No words can express the experience of being near a place such as Dachau. The sheer weight of it, the gravity of the history encased within the walls and fences of this site of unimaginable tragedy is enough to pound a person’s spirit into the earth. Dachau was the first concentration camp in Germany, built originally to hold political prisoners and religious dissidents, though it soon evolved into a place packed full of any people deemed undesirable by those in power. Dachau was the site of vicious experiments on prisoners, of starvation, disease and daily tragedy. Over 30,000 people died in Dachau, and visitors to the camp can still feel the power of the atrocities committed in this place.
There is a sign near the entrance to the site of the gas chamber and crematorium that simply reads: “Remember How We Died Here”. This lonely epitaph serves as a most poignant reminder that mankind is quick to forget the travesties that have been committed not so very long ago, and that we should be reminded of what can happen when the entire world turns a blind eye to the suffering of their fellow man.
The remains of the original platform near the train tracks, where prisoners were herded like cattle through the gates.
The original train tracks, now rusted and dilapidated, lay just outside the gates.
Many thousands of people walked through these gates, never to walk through them again.
“Work Makes You Free”
A watchtower, once filled with guards and lights and machine guns, sits high above the gate.
The processing facility, where prisoners were first stripped of their dignity.
Hung above these scarred floors, men were tortured, beaten and experimented upon. The troughs visible in the background once contained water used to wash away the bloody remnants of pain and suffering.
One of the few remaining uniforms, actually worn by a prisoner in Dachau.
There were private barracks reserved for clergy and important political figures, whom the guards treated with a certain level of respect, for fear of a mass revolt by the prisoners who felt that these men deserved special treatment.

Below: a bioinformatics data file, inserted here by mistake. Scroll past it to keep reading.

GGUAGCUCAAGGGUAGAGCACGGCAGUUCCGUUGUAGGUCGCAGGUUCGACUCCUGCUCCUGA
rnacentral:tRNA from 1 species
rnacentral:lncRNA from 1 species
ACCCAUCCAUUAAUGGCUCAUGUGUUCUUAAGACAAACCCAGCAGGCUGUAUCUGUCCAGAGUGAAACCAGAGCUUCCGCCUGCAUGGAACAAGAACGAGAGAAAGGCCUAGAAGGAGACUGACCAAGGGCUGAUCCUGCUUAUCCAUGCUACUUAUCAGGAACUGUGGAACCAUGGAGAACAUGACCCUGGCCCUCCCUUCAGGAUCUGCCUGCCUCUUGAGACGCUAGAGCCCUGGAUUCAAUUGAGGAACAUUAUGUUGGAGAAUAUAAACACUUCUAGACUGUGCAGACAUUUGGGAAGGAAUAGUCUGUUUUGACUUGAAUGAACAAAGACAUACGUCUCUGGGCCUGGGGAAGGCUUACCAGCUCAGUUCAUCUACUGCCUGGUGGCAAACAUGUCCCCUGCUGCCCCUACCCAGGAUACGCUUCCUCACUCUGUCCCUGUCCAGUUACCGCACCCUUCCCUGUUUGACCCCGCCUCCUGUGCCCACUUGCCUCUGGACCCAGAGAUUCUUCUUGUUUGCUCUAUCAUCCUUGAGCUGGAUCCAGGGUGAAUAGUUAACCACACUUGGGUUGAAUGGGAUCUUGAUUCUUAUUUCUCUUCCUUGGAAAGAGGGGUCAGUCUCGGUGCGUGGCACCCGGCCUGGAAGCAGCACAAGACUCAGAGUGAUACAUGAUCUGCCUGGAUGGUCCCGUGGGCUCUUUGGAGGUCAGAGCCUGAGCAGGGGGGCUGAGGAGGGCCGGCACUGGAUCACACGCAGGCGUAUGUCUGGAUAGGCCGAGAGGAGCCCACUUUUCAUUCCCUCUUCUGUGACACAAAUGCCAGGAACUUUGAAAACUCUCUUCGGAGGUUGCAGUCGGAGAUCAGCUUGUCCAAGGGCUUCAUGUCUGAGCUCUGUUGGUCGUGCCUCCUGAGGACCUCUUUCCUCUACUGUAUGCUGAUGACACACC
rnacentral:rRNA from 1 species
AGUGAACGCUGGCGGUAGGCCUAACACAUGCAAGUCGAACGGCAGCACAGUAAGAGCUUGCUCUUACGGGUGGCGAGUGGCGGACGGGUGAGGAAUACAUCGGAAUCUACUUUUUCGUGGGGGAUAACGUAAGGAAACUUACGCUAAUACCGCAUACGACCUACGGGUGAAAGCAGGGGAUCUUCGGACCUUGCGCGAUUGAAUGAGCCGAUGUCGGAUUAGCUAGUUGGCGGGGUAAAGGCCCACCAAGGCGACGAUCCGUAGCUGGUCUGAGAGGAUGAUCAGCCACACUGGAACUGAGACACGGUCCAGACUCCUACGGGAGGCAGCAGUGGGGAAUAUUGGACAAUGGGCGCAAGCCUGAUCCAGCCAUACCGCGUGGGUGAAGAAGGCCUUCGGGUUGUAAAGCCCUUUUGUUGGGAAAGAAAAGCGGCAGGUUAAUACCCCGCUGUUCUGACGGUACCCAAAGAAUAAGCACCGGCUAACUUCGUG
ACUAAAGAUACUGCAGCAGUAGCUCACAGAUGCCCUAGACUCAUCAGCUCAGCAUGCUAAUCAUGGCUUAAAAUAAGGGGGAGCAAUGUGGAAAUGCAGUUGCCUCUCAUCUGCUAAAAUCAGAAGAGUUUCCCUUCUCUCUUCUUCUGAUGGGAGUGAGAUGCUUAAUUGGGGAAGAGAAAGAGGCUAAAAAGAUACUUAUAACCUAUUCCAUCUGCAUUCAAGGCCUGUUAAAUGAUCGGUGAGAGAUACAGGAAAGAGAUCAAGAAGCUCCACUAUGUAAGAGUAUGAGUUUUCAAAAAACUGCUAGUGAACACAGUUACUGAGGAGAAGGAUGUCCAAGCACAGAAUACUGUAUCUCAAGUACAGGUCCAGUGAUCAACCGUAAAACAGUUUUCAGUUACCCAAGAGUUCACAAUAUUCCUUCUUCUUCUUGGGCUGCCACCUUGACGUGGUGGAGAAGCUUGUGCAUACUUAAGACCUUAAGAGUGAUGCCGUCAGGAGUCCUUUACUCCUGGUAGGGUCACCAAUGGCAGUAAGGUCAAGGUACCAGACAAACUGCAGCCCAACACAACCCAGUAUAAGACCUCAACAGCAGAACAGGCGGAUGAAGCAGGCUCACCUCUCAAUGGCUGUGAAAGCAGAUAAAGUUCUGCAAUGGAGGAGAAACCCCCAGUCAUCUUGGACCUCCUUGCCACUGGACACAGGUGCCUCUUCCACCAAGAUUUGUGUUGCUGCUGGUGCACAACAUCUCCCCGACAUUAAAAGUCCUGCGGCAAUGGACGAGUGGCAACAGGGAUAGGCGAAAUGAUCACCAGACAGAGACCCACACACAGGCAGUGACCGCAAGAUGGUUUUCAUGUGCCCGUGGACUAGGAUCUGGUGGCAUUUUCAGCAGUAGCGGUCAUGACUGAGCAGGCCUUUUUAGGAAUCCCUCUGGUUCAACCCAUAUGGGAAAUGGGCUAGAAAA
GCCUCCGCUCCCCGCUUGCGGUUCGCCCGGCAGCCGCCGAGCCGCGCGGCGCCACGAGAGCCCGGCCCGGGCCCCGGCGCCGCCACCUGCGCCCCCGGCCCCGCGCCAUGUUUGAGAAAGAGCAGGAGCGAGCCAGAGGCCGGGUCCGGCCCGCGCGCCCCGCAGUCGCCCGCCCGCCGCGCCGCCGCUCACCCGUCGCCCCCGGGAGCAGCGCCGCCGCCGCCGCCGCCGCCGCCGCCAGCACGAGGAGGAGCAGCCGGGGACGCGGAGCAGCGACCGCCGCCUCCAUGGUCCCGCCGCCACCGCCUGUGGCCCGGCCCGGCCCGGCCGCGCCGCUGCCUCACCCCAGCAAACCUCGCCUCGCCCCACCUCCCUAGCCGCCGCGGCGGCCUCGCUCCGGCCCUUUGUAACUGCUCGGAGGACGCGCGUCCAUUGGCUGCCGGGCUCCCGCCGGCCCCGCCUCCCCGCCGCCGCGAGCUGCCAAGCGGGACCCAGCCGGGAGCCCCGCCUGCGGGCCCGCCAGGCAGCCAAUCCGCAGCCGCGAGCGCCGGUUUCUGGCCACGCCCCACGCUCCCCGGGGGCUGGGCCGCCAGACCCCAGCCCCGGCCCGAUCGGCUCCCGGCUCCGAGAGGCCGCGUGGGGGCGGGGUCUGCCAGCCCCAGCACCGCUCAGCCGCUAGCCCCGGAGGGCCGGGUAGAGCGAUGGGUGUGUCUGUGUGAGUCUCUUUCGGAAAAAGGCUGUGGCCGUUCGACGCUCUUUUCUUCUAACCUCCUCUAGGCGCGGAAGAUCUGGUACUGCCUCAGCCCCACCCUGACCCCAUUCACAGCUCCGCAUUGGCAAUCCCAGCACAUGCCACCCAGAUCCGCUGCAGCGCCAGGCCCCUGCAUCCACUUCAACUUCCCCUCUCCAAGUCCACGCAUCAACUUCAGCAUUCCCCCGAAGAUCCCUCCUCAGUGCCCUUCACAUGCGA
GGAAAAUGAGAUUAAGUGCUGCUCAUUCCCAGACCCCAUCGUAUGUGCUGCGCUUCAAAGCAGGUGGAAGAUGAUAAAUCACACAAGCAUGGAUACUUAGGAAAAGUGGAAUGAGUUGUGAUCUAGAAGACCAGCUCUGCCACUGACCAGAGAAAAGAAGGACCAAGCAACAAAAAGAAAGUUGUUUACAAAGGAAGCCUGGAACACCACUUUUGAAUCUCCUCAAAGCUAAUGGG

A guard tower still stands. Visitors are never allowed inside, because no one should ever stand where the oppressors stood, looking down on their fellow man.
Just outside the walls, a quiet neighborhood still exists, with residential windows overlooking the camp.
A “Pillbox” which once held a machine gun nest. Very little is known about this pillbox, as there is no record of this sort of defensive installation ever being placed in the camp grounds.
Vines now grow over the barbed wire on the walls around Dachau.
The wet sand inside the compound, the daily view of thousands, who were ordered to never look up.
Though the barracks are now gone, the foundations remain, each in its original location, as a memorial to all who suffered here.
The original crematorium. A larger one was constructed soon after this model was deemed unfit.
Guards would herd people into these shower chambers, packing them completely full.
Outside the showers, hatches open, which were to allow guards to drop gas grenades into the room with the prisoners, closing the hatches behind them.
Though there is no record of these being used as anything other than drains, these drains are connected to a gas line, which would have allowed gas to filter into the shower chamber from the floor.
Another, larger incinerator, this one built by the forced labor of the clergymen of the camp.
The clergymen are believed to have sabotaged the construction of the crematorium by mixing too much sand with the mortar, causing the building to crumble multiple times during construction. Evidence can still be seen of their intentionally poor craftsmanship.
Crematorium. “Think of How We Died Here”
The barbed wire separating the main camp from the crematorium site.
The eerie reflection of a guard tower, still watching over the camp.
New growth, even amidst the cobblestones and rubble of this weighty, important place.